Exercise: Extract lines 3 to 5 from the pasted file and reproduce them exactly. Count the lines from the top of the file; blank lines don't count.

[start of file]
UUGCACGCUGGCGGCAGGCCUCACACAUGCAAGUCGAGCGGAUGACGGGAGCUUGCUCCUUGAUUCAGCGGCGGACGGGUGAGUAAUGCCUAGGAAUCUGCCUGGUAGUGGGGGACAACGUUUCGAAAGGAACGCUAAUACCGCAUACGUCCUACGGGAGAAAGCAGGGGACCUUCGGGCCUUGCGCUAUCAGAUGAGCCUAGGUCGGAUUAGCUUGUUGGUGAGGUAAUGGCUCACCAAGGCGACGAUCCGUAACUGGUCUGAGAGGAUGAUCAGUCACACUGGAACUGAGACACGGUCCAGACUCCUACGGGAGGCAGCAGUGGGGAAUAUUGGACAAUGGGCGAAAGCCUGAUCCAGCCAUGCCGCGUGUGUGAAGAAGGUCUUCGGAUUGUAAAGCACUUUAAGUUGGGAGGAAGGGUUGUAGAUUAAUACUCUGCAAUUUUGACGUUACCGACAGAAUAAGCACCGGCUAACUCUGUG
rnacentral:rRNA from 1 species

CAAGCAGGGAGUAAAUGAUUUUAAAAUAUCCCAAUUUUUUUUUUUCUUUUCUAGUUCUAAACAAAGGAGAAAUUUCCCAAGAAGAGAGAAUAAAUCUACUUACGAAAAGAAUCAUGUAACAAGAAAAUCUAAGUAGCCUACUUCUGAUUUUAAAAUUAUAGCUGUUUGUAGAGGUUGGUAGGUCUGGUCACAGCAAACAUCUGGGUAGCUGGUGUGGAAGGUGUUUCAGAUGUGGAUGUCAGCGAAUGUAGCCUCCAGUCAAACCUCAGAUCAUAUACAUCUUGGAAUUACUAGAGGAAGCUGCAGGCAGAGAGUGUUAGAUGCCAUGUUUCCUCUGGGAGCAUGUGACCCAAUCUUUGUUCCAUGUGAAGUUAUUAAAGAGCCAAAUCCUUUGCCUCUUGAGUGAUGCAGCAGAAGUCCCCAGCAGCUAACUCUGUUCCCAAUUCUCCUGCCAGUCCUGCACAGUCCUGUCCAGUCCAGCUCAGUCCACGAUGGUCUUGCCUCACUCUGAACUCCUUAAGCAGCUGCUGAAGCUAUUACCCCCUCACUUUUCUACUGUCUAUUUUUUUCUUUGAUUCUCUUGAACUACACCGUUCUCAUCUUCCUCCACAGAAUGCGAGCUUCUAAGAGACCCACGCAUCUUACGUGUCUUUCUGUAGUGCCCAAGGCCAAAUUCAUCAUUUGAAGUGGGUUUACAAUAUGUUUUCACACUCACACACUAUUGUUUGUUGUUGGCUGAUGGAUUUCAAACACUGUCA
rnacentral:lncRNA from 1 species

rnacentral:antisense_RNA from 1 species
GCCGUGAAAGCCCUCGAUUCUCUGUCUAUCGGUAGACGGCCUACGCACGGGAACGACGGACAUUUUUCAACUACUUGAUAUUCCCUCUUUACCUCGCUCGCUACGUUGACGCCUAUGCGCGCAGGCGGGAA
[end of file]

CAAGCAGGGAGUAAAUGAUUUUAAAAUAUCCCAAUUUUUUUUUUUCUUUUCUAGUUCUAAACAAAGGAGAAAUUUCCCAAGAAGAGAGAAUAAAUCUACUUACGAAAAGAAUCAUGUAACAAGAAAAUCUAAGUAGCCUACUUCUGAUUUUAAAAUUAUAGCUGUUUGUAGAGGUUGGUAGGUCUGGUCACAGCAAACAUCUGGGUAGCUGGUGUGGAAGGUGUUUCAGAUGUGGAUGUCAGCGAAUGUAGCCUCCAGUCAAACCUCAGAUCAUAUACAUCUUGGAAUUACUAGAGGAAGCUGCAGGCAGAGAGUGUUAGAUGCCAUGUUUCCUCUGGGAGCAUGUGACCCAAUCUUUGUUCCAUGUGAAGUUAUUAAAGAGCCAAAUCCUUUGCCUCUUGAGUGAUGCAGCAGAAGUCCCCAGCAGCUAACUCUGUUCCCAAUUCUCCUGCCAGUCCUGCACAGUCCUGUCCAGUCCAGCUCAGUCCACGAUGGUCUUGCCUCACUCUGAACUCCUUAAGCAGCUGCUGAAGCUAUUACCCCCUCACUUUUCUACUGUCUAUUUUUUUCUUUGAUUCUCUUGAACUACACCGUUCUCAUCUUCCUCCACAGAAUGCGAGCUUCUAAGAGACCCACGCAUCUUACGUGUCUUUCUGUAGUGCCCAAGGCCAAAUUCAUCAUUUGAAGUGGGUUUACAAUAUGUUUUCACACUCACACACUAUUGUUUGUUGUUGGCUGAUGGAUUUCAAACACUGUCA
rnacentral:lncRNA from 1 species

rnacentral:antisense_RNA from 1 species